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Why it’s time to take drinking seriously as a mental health issue

Published by Daniel Brooks Moore on

Sometimes I worry about my drinking, but if I have a problem, then so do most people I know. Alcohol is embedded in our culture; we have completely normalised problem drinking, to the point that sobriety is a suspicious idea. In a study by the World Health Organisation, 28% of drinkers admitted to ‘heavy episodic drinking’, well above the global average of 16%.

We have a drinking problem. It is recommended that we should drink no more than 14 units per week – but who actually thinks about how much that is? As a friend of mine told me when I was writing this, “a lot of my friends drink way more than recommended allowance of a week on a single night out, and I do the same. if no one is being sick or getting hurt then it feels like there’s no problem with it.”

At 21, I gave up drinking completely for two years. I had entered a vicious cycle – I was miserable and anxious and the only way I knew how to calm myself down was with a drink. But when I started, I couldn’t stop. I was blacking out regularly – both with other people and at home on my own, and by the time I stopped my idea of one drink was a glass filled with neat gin. The guilt and shame of the hangover left me needing another drink, so it would begin again. I had been vaguely aware that my behaviour was out of control; the situations I was getting myself into were getting darker and scarier, and I was no longer enjoying myself.

I normalised frequent blackouts, puking and humiliations. After all, I was no worse than anyone else, and outwardly at least, nothing was going too badly. Ultimately, I found it hard to understand anything was wrong, because whenever you do something you regret as a result of drinking, there is always some kind of a social reassurance that ‘we’ve all been there’, and people are rarely called out on how worrying their actions truly are. A friend of mine, now sober, said; “I think there’s definitely societal pressure to continue drinking even when you know it’s passed a certain point and become something destructive, especially as a young person.” Interestingly, when I was sober, I often ended up feeling as isolated and alone as I did when the hangover guilt was most cruel.

Heavy drinking is linked to depression, anxiety and even psychosis. Despite the fact that my mood was spiralling out of control and even a psychiatrist was telling me I needed to stop, I denied that there was anything wrong because at my age, I couldn’t possibly have a problem with alcohol. There is a real lack of understanding that anyone can suffer with drinking – you can be young, old, rich or poor and you don’t have to be sitting on a park bench or even drinking every day – as Drinkaware says; “There are varying degrees of alcohol dependence and they don’t always involve excessive levels of drinking.” My decision to stop was generally met with support, but also with some suspicion and confusion- people would constantly ask whether I was sure and suggest I learn my limits instead.

At times, I felt like a pariah. “You sense that people are judging you… the path of least resistance, weirdly, is to carry on drinking,” another sober friend agreed. When violence, vomit, losing your stuff, passing out, having sex with someone you don’t remember become normalised, ironically being sober is considered the stranger. “In certain situations I’ve genuinely felt slightly outcasted for not drinking… I have to go out of my way to prove how normal I am,” the same friend, sober for four years, added.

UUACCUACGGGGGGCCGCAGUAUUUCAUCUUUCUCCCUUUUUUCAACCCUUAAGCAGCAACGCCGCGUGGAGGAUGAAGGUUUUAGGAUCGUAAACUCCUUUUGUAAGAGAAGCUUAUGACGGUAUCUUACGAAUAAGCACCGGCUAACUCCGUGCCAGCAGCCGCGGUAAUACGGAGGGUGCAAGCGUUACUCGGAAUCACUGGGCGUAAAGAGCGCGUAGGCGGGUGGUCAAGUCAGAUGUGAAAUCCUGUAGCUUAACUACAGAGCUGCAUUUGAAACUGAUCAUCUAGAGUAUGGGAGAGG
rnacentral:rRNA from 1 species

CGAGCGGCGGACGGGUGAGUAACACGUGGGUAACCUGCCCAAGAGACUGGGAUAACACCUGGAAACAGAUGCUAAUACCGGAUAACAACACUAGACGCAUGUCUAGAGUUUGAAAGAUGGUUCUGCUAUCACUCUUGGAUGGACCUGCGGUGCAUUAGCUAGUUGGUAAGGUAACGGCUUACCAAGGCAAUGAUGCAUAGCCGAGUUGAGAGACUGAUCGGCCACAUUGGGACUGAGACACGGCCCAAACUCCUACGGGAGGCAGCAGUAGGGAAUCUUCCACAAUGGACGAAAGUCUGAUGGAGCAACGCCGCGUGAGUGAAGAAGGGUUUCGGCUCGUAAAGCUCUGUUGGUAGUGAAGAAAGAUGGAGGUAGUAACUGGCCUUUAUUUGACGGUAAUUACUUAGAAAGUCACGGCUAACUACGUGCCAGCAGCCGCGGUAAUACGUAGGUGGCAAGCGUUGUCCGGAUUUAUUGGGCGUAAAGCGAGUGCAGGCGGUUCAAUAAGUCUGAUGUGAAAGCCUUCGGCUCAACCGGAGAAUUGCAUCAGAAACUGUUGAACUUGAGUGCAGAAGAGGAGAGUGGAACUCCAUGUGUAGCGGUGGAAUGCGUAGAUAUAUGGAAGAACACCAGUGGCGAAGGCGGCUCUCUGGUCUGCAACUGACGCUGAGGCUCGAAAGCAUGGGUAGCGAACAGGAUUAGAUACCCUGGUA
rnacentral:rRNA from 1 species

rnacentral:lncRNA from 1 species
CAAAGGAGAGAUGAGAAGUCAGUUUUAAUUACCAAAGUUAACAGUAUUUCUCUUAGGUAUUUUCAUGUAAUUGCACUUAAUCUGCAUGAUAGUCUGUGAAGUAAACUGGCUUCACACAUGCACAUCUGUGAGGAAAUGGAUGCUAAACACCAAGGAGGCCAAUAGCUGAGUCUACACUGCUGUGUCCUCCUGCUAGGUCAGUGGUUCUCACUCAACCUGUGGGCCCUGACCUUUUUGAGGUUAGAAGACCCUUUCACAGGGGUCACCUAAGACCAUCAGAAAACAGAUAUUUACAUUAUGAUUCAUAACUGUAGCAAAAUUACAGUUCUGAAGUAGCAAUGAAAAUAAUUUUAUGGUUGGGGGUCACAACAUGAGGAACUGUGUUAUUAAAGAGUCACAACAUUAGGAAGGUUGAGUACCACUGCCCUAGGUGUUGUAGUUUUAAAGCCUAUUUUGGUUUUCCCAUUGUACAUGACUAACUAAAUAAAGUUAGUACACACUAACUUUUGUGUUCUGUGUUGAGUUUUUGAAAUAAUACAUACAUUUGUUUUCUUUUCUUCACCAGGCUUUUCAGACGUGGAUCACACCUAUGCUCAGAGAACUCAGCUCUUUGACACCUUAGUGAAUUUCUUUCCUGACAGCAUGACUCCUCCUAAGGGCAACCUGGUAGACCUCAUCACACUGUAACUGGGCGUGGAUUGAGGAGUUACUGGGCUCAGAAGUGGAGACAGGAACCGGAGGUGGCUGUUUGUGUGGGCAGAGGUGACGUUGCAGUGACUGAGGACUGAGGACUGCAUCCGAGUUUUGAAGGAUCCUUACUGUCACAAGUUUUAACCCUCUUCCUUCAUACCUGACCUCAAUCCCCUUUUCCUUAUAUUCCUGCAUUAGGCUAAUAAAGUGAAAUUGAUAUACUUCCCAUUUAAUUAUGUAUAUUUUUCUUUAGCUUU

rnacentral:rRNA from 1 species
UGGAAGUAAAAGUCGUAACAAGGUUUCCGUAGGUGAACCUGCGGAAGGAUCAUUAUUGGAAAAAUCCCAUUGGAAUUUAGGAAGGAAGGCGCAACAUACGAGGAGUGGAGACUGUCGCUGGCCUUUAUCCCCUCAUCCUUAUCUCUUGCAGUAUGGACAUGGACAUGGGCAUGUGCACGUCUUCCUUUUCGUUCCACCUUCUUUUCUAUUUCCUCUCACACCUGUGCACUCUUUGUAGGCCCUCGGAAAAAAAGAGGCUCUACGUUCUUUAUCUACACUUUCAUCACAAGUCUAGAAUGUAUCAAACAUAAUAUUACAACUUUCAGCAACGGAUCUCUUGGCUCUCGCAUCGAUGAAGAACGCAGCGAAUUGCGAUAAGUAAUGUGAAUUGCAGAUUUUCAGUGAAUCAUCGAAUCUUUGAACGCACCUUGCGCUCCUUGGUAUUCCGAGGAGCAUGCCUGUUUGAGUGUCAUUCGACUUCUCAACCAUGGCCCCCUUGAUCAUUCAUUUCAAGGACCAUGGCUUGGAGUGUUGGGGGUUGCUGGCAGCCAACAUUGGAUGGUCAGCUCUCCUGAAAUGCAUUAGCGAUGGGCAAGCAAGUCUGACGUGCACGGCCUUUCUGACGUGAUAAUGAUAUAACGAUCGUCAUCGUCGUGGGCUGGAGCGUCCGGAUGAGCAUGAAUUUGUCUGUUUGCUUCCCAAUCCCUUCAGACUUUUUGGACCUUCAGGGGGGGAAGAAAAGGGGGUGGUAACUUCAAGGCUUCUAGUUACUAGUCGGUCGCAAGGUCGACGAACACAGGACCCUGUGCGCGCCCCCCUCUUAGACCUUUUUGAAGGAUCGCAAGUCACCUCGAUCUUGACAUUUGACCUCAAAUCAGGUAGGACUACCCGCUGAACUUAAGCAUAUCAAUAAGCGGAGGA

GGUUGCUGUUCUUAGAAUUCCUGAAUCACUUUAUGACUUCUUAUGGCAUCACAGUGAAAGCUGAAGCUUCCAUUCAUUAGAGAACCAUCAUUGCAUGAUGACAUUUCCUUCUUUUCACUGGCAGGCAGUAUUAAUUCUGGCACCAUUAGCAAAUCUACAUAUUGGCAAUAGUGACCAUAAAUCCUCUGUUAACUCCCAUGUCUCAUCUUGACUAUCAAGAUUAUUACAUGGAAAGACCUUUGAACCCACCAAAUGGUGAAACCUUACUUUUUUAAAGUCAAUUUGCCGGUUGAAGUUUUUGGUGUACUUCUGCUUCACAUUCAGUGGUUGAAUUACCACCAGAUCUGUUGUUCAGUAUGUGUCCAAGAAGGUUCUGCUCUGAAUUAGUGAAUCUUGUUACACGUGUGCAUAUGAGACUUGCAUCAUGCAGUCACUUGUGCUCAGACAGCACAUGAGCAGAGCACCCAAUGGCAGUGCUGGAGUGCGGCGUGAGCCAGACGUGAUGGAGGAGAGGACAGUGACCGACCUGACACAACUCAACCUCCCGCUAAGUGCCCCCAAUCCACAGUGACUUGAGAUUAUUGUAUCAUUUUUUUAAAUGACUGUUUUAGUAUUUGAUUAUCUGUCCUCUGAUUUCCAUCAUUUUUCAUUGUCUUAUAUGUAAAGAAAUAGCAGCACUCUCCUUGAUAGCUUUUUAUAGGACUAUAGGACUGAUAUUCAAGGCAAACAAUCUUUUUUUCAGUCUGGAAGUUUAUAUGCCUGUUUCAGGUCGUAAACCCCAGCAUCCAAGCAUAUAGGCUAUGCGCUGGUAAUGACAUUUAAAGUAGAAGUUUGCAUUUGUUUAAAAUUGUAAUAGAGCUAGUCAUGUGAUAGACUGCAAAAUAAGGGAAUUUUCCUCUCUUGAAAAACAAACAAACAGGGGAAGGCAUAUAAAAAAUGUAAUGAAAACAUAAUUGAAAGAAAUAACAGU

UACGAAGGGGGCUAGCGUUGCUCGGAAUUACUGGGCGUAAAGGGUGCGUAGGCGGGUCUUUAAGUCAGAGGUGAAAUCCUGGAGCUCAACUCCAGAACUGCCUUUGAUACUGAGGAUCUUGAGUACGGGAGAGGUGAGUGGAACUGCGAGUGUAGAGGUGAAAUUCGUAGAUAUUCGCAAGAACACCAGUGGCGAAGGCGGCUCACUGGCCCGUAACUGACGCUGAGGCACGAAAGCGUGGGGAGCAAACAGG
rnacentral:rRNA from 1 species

The NHS recommendation of 14 units per week, which is about 6 pints or 7 glasses of wine. But who can keep track? Drinking is everywhere. We drink to celebrate, we drink when we are sad, we drink to relax – we drink at any excuse.

Interestingly, it’s often harder for girls. Another study by the OECD found British women are more likely to get drunk than in any other Western Country, with chief executive of 2020 Health Julia Manning, telling the Telegraph; “It used to be that women and girls in this country would be ashamed of being drunk, but now this ladette culture has taken hold. We have ended up with a situation where young girls are really concerned about seeming cool – yet they don’t care about being seen vomiting in public.” I certainly agree that there is a bravado to drinking to excess – a friend recently told me, “I respect people who can have a couple and go home, but I find it difficult to do. I want to be the last one there.”

It’s clear that we need to do something about this endemic problem – but what? Awareness seems like a start, given that people are blind to the danger drinking brings. In a 2011 study, 7.5 million people admitted they were unaware of the damage heavy drinking could be doing to their health. We are all vaguely aware that drinking can damage our livers- but what about our minds? According to Drinkaware, “if you drink heavily and regularly you’re likely to develop some symptoms of depression.”But in an age where most people are drinking to excess and wearing their war stories like badges of honour, it can become difficult to tell who is just like everyone else, and who is really struggling.

It is important to realise the link between anxiety, depression and alcohol – whether you drink because you are anxious, or you are anxious because you drink. We need more awareness that alcohol affects our mental health as well as our physical health: while we may be enjoying ourselves, alcohol is also a depressant, and in our binge drinking culture, admitting that alcohol is affecting your mood is brave, not weak.



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